Obviously, the U.S. is not a company, but a similar model can still work.

Without this “obviously”, the writer would appear to think it necessary to tell her readers that the United States isn’t a company. “Obviously,” acknowledging their awareness, allows her to state an obvious premise without insulting anyone’s intelligence.

Or consider the “clear” in this review of Alan Moore’s Jerusalem:

The equivalent of Stephen Dedalus here — Moore’s stand-in — is a painter in her 50s named Alma Warren (her name is a clear play on the author’s)…

“Clear,” besides granting that the Alan Moore/Alma Warren connection may be obvious to the reader, casts the word-play idea as a judgment of the reviewer rather than as an explicit intention of the author.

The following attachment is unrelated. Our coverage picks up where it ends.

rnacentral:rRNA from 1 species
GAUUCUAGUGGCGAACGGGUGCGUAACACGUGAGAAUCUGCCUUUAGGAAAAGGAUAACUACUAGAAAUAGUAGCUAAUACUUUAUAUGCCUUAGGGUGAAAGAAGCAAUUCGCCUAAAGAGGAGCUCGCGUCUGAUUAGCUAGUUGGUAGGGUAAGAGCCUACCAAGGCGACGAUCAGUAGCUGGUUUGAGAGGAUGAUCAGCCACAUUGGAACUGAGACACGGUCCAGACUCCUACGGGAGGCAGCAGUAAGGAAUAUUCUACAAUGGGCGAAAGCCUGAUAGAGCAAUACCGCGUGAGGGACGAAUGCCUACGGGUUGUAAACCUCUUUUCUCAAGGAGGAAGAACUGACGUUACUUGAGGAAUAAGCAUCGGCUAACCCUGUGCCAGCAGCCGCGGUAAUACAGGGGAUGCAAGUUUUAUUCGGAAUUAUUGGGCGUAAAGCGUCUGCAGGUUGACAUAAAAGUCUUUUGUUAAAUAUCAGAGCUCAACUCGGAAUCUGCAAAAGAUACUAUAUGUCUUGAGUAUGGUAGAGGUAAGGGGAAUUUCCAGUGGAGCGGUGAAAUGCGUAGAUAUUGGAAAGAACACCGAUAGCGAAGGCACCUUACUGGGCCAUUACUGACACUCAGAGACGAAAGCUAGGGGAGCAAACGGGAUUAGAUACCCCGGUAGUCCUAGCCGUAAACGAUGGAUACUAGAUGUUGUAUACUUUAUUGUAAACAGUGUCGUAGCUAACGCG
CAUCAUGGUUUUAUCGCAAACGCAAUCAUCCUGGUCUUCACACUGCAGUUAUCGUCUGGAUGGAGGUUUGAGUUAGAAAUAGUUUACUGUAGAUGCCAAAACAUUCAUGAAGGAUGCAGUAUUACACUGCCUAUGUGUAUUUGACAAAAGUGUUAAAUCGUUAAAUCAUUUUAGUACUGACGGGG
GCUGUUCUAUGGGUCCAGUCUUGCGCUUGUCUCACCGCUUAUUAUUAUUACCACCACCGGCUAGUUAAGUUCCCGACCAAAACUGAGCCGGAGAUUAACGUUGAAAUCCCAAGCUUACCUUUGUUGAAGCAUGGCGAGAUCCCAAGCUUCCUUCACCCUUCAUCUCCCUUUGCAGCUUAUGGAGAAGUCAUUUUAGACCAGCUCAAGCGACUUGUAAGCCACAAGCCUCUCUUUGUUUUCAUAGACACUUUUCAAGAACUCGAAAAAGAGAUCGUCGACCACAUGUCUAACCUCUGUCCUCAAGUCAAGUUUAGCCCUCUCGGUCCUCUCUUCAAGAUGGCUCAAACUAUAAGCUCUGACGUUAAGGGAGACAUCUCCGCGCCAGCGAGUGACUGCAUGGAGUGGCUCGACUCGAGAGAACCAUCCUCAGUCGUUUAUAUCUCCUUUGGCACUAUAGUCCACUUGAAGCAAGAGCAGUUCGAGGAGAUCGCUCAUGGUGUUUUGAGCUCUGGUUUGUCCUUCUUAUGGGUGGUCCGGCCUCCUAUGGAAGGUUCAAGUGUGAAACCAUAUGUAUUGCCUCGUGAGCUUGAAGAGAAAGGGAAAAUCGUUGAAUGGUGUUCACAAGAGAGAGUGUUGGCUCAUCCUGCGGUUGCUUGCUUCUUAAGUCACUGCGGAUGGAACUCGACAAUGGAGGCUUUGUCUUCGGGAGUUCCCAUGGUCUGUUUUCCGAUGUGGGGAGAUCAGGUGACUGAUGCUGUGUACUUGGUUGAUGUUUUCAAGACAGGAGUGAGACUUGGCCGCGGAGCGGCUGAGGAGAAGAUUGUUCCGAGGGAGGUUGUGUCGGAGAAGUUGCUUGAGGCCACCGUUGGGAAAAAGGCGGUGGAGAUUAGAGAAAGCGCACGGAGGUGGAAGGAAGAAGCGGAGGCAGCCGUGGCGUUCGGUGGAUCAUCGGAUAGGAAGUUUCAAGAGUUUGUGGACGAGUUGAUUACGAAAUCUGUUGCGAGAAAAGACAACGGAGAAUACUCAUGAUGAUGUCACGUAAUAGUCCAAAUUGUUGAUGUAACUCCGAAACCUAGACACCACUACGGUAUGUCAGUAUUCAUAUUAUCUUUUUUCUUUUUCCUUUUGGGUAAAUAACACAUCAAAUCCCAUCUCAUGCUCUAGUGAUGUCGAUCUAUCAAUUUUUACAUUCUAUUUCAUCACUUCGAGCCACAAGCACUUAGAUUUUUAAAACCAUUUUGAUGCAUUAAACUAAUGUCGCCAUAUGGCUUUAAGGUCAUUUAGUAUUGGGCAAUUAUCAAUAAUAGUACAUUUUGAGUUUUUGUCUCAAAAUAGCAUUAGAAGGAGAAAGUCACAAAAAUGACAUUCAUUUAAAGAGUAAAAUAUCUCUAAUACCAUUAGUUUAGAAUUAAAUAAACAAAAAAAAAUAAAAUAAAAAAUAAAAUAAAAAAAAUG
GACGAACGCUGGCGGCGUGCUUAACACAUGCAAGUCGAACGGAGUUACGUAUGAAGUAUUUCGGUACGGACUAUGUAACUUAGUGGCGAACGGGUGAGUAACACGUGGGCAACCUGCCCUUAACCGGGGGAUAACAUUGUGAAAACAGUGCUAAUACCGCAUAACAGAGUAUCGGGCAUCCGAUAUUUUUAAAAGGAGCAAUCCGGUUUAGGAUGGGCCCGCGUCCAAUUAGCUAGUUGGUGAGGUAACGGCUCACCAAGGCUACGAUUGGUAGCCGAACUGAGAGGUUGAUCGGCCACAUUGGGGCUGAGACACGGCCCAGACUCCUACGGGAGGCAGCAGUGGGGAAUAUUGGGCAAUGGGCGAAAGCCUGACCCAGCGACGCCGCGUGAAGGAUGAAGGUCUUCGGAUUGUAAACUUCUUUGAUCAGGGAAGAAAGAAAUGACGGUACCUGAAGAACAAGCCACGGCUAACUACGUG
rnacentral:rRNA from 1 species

Finally, consider the “apparently” below (from a recent CBS/San Francisco report on a robbery at a Walnut Creek Tanning Salon):

But apparently that wasn’t enough, because he then demanded that she also give him every bit of loose change in the register.

“Apparently,” too, adds little semantic content. But it distances the writer from the judgment that “that” wasn’t enough, attributing it instead to the robber. The irony that results makes those four extra syllabus totally worthwhile.

What I’ve been thinking about for the last 6 months (besides SentenceWeaver)

Some things that have been on my mind:

  • Catherine and my many recent conversations about the new SAT reading sections
  • Related thoughts we’ve had about SAT vocabulary challenges
  • Thoughts on verbosity and hedges (“obviously”, “apparently”).
  • The Dreamy Child Syndrome, aka Multi-Factor Introversion (not autism, and not in the DSM!)
  • Beyond background knowledge: other background variables in reading comprehension
  • How the Curiosity Mindset (or lack thereof) affects comprehension
  • Clues that “kids these days” are doing less and less careful reading
  • Clues that they’re getting less and less writing instruction